Introduction to the Problem
In the opening session, participants learned of the depth and breadth of poverty in America and California, including its impacts not only upon those living in poverty but also upon others. This session introduced the themes and issues to be discussed over the next two days. Hilary Hoynes, Professor in the Department of Economics at the University of California, Davis and the co-editor of the "American Economic Journal: Economic Policy," provided the keynote.
Poverty and Health: Brain Development, Chronic Illness and What Communities can do to Foster Health
Links between poverty and health are more profound than we knew. Participants learned about ground-breaking research into the impact of poverty on brain development and discussed the interrelationships between poverty, nutrition and child health.
"But Does It Work?" Separating Myth From Truth in the Evaluation of Child Anti-Poverty Interventions
Funding may be short now but, then again, isn't it always? When there is never enough to begin with, funding should go to those programs that have been proven effective. Which ones work?
Redefining the Problem, Poverty Measures
This general session examined the very definition of "pverty," and the significant impact this definition has on public policy. Participants learned the origin of our current method of measuring poverty, why it may be an inadequate and misleading indicator for the 21st century and what is being done to address it.
Crime and Poverty: Causes, Effects and Strategies for Breaking the Cycle
This session will examine the interrelationships among crime, incarceration and poverty. What happens to families when a family member is incarcerated, and what happens when he or she is released? What systems have demonstrated success in interrupting the cycle, in shutting down the revolving iron gate?
Immigrant Families: Ensuring Success for America's First Generations
Participants discussed how poverty impacts America's newest residents. What the data demonstrates – you may be surprised – and which approaches to working with immigrant families have demonstrated success.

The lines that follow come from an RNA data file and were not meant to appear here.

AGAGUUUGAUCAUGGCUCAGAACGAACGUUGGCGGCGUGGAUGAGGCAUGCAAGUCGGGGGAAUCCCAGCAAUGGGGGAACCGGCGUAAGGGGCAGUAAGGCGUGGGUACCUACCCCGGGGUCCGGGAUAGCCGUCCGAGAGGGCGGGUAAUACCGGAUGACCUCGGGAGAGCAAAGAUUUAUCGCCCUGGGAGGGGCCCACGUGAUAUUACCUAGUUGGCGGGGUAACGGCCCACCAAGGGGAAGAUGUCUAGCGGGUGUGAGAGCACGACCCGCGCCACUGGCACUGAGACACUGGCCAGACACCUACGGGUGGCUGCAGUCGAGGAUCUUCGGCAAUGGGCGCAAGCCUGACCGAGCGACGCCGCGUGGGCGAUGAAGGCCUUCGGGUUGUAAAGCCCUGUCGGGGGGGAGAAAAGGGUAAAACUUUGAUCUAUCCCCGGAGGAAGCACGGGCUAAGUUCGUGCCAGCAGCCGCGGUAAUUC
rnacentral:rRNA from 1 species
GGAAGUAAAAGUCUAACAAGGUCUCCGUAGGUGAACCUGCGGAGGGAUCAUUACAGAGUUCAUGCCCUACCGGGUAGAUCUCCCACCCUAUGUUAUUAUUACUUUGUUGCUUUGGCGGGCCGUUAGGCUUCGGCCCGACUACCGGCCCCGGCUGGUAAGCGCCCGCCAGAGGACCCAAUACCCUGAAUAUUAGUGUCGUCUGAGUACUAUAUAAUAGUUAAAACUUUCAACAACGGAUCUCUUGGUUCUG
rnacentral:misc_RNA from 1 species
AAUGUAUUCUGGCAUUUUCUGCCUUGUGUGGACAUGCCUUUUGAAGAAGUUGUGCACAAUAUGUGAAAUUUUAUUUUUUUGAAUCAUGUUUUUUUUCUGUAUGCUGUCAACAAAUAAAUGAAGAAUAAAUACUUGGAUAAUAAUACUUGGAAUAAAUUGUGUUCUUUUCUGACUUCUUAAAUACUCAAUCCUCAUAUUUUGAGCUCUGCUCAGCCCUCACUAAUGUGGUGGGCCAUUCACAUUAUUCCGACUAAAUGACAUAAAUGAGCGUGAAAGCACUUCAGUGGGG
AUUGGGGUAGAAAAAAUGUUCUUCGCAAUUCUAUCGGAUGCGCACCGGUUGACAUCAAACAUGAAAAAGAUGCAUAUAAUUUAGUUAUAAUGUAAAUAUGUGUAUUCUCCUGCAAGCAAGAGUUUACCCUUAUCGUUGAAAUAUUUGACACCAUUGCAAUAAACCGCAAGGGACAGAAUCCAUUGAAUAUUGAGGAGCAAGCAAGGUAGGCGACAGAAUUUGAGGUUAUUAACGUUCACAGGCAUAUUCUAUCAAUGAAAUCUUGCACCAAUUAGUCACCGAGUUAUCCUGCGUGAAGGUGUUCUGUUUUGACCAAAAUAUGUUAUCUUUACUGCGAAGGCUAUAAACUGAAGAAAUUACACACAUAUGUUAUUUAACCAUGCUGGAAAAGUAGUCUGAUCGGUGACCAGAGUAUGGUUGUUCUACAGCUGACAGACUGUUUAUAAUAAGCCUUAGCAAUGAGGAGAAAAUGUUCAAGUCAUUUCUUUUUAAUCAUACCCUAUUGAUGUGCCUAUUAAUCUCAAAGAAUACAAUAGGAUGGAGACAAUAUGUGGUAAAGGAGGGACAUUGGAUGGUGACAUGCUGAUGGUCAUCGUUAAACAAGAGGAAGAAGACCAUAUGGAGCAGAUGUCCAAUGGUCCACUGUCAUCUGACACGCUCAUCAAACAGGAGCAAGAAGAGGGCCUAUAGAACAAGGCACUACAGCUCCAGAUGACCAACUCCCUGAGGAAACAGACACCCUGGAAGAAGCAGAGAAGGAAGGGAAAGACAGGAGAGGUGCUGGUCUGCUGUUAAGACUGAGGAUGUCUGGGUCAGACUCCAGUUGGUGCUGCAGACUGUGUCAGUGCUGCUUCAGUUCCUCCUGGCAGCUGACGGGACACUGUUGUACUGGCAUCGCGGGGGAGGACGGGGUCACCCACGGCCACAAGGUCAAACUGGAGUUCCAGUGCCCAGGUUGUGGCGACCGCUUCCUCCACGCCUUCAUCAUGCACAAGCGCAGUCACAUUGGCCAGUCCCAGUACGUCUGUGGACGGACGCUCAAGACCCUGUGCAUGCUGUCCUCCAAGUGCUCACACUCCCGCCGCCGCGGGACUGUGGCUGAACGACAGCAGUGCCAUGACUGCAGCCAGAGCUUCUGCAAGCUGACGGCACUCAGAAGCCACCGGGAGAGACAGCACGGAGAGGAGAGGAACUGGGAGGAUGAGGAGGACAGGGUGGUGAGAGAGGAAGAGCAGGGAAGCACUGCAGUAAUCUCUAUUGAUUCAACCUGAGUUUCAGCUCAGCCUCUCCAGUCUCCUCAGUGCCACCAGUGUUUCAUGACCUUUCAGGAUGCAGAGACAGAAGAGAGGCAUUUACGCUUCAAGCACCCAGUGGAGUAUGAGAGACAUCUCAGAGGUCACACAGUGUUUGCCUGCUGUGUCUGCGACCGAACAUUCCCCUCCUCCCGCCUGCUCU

Twelve Years into TANF: Now What? A Discussion of the Current System and What Must Change
Welfare changed "as we knew it," and what happened? A distinguished panel of national experts described the results of this massive social experiment – and offered perspective on what needs to change to improve future outcomes.
Minimum Wage: Job Loser or Wage Gainer? Latest Research and Debate
In this session, participants considered research that sometimes produces contradictory results: Does a minimum wage increase result in lost jobs? What is its impact on a local economy, and what is the net result of its competing effects? A spirited discussion from both sides of this key economic issue was held.
The New Demography, the New Economy and the New Inequality: Tackling Poverty in a Time of Crisis
Poverty may know no boundaries, but different environments require different solutions. Rural, urban and suburban communities face different challenges in confronting poverty, and this nationally-known expert will provide new perspectives on how to overcome poverty – werever it resides.
Children Left Behind: How Poverty and Achievement Interact in Education
From the earliest stages in a child's life, poverty may impact the ability to succeed. Participants heard the latest research that examines disparities in early learning, the impact of "dropping out" on both students and society, and new school readiness programs that are having a profound impact on children and their schools.
Successful Stragegies and Models
Arguably, California is not doing as much to fight poverty as other states, and the United States is not doing as much as other countries. In this general session, Elaine Zimmerman of the State of Connecticut will discuss their comprehensive approach to battling poverty, and Martin Nary of Barnardo's will discuss the results of efforts to reduce child poverty in the United Kingdom.